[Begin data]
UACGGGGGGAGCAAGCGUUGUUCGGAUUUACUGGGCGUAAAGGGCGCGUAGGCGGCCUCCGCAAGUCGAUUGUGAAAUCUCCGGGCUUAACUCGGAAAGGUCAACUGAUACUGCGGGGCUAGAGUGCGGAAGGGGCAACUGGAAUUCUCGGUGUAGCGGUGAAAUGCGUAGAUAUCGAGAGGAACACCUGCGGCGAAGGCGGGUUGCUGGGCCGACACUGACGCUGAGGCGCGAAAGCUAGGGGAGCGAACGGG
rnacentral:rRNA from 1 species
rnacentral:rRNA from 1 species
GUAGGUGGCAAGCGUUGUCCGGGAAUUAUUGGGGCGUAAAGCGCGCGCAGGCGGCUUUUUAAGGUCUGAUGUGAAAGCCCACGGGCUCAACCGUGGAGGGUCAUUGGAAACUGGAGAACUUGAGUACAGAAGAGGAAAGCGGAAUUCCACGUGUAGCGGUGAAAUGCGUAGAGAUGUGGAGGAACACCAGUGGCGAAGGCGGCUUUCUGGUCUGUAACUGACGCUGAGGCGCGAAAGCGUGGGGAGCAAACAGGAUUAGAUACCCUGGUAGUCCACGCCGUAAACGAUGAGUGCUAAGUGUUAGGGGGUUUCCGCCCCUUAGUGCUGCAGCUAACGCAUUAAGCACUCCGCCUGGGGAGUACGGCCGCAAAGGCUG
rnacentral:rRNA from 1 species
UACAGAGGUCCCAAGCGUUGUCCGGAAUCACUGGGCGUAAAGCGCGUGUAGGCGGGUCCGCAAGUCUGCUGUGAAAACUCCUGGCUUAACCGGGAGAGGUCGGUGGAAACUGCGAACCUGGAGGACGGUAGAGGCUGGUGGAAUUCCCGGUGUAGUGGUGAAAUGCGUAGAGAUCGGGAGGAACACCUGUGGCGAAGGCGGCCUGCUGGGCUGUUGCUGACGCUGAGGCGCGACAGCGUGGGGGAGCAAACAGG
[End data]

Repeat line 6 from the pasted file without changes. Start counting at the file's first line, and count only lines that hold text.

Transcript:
UACAGAGGUCCCAAGCGUUGUCCGGAAUCACUGGGCGUAAAGCGCGUGUAGGCGGGUCCGCAAGUCUGCUGUGAAAACUCCUGGCUUAACCGGGAGAGGUCGGUGGAAACUGCGAACCUGGAGGACGGUAGAGGCUGGUGGAAUUCCCGGUGUAGUGGUGAAAUGCGUAGAGAUCGGGAGGAACACCUGUGGCGAAGGCGGCCUGCUGGGCUGUUGCUGACGCUGAGGCGCGACAGCGUGGGGGAGCAAACAGG